Professor Sheila Cristina Ouriques Martins, the actual President of World Stroke organization and professor of Universidade Federal of Rio Grande do Sul in Brazil gave a colorful talk about actions of the Lancet Commission considering acute and hyperacute stroke treatment. In her talk she first emphasized challenges in acute stroke care, most of which are low stroke awareness especially in low income countries, untrained personal, partial implementation of stroke awareness and on the other hand also high cost of treatments, and lack of government action plans and funding. In order to achieve improvement in acute stroke treatment in low income countries WSO online road map was constructed, serving mostly for exploring the own situation in the country, with an easy virtual program. On-site visits were implemented as well (like visits in Ethiopia, Columbia, Indonesia…). Telestroke program called “Telestroke without boarder” was established and showed itself as a big help in decision important moments. The team organized teaching courses, hold on-line and in person. And finally, certification process started with  now more than 80 hospital in Latin America certificated, according to strict criteria. The Commission continues its work globally under umbrella of Global Stroke Alliance and moto “Stroke without frontiers”.

Professor Jeyaraj Pandian, member of the Commission, as a next speaker, discussed the problems and approaches to neurorehabilitation after stroke.

He started his talk with the fact that only 16% of low-impact countries have a Stroke Unit in comparison with high-impact countries where more than 90% of countries have Stroke Units as a standard stroke care. The same reflects also for neurorehabilitation where low impact countries experience low level of knowledge, non-inclusion of rehabilitation in national guidelines, neurorehabilitation is not recognized in the government, and very often relatives become caregivers and must hire a home physiotherapist. In all – rehabilitation is an “outpatient thing”. In order to enlight the problem Professor Pandian discussed the results of several trials which cover neurorehabilitaion (ATTEND, RECOVER),  focus on motivation (ADHERE) or even use help of AI and online rehabilitation (ATTEND 2). He presented also the results of traditional methods as Ayurveda treatment investigated in RESTORE trial. He concluded his talk by emphasizing the need of stroke registry for neurorehabilitation, implementation of low-cost technologies (like robot-like game based home programme), and including government in whole rehabilitation process and programs.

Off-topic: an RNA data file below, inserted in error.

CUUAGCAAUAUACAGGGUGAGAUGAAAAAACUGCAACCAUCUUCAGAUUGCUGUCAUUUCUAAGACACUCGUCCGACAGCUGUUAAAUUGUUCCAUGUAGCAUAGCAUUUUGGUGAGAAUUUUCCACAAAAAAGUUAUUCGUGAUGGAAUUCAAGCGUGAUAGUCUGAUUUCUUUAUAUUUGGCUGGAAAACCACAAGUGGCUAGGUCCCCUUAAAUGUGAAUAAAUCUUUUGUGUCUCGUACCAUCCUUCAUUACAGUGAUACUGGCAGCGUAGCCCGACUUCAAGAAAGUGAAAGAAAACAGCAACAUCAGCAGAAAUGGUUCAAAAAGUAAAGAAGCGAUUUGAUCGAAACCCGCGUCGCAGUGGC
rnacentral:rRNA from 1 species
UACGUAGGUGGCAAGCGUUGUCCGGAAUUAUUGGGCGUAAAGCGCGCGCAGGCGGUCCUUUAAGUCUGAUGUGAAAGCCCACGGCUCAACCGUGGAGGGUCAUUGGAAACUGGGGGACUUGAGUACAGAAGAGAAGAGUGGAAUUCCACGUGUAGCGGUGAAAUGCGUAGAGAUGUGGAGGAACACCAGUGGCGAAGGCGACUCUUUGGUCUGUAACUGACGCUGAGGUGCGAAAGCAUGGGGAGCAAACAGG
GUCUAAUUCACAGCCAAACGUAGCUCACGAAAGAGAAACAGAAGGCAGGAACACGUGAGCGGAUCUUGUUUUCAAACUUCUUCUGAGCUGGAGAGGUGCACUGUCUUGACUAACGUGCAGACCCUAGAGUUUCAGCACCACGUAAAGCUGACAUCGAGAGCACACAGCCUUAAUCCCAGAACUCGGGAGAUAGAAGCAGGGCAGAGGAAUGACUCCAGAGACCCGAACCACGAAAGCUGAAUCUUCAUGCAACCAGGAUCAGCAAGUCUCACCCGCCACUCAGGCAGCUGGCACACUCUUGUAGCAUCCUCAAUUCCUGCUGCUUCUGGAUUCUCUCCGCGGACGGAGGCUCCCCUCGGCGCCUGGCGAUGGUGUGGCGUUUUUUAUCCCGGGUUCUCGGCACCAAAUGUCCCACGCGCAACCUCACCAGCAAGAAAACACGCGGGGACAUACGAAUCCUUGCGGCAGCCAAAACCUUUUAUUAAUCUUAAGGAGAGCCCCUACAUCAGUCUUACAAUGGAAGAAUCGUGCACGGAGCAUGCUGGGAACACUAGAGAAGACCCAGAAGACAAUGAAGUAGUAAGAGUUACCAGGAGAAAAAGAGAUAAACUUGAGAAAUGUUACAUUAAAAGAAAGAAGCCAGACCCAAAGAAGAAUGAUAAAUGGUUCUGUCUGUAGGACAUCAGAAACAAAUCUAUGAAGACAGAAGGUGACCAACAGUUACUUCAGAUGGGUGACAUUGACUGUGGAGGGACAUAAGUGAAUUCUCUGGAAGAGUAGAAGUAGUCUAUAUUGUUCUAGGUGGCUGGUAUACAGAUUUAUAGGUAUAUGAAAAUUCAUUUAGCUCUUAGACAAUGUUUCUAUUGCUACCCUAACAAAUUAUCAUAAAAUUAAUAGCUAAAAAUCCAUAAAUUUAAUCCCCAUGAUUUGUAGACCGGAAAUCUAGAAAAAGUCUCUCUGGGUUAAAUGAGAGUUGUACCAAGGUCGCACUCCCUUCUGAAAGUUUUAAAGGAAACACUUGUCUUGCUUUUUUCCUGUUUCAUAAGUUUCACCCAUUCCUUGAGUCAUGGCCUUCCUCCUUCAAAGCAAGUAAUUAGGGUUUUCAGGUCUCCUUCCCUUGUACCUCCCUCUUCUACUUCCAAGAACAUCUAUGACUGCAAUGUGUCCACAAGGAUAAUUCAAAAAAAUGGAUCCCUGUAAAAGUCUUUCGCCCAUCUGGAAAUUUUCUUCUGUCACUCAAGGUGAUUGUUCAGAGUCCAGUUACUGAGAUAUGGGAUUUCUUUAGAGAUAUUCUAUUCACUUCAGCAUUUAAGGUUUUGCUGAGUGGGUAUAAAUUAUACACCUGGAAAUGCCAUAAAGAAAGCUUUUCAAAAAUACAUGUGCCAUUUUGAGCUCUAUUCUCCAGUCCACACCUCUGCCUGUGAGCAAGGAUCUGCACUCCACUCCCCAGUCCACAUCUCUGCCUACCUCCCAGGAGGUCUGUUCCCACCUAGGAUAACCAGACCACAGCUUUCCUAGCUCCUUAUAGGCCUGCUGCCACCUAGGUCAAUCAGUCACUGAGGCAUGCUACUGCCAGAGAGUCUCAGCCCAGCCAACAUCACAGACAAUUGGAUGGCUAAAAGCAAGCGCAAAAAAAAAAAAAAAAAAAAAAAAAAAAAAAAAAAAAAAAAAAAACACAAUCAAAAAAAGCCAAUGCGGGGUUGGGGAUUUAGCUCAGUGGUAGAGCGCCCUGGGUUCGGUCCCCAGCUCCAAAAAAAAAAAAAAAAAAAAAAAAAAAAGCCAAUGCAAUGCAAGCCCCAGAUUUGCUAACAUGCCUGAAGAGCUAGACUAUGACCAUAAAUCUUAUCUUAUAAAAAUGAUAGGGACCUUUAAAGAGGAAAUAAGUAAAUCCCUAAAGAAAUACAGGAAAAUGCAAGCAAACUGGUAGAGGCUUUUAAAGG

The final talk in this Session with the topic “Reducing the global burden of stroke” was given by Dr Taskeen Khan, representative of the World Health Organization from Department of Non-Communicable disease. Dr Khan in the first part of her talk actually explained the role of WHO in global actions and plans, stating that WHO serves as a “secretariat” which support the health agenda defined and given by member countries, as it will again happen in about of 10 days in Geneva. It is also very well accepted that cardiovascular diseases, including Stroke, still remain the largest cause of death globally,  being responsible for 38% of  17 millions of premature deaths (under the age of 70). She also showed that unfortunately there was nearly no epidemiological transition within risk factors (between 1990 and 2019) with only a small place change of high BMI and tobacco, with hypertension still holding the first place. Hypertension is still a leading factor for cerebrovascular diseases and striking fact is that 1.3 billions of adult suffer from it, with only 1 person among 5 who has the disease under control. So government actions are desperately needed, as the statistics shows that if we control only 50% of hypertensive patients we could, by preventing only this one risk factor, save 76 million deaths. She ended her talk with the presentation of WHO HEARTS – program of hypertension control, as well as with the fact that WHO list of essential medicines includes antihypertensives on the first place, followed by alteplase and priority medical devices.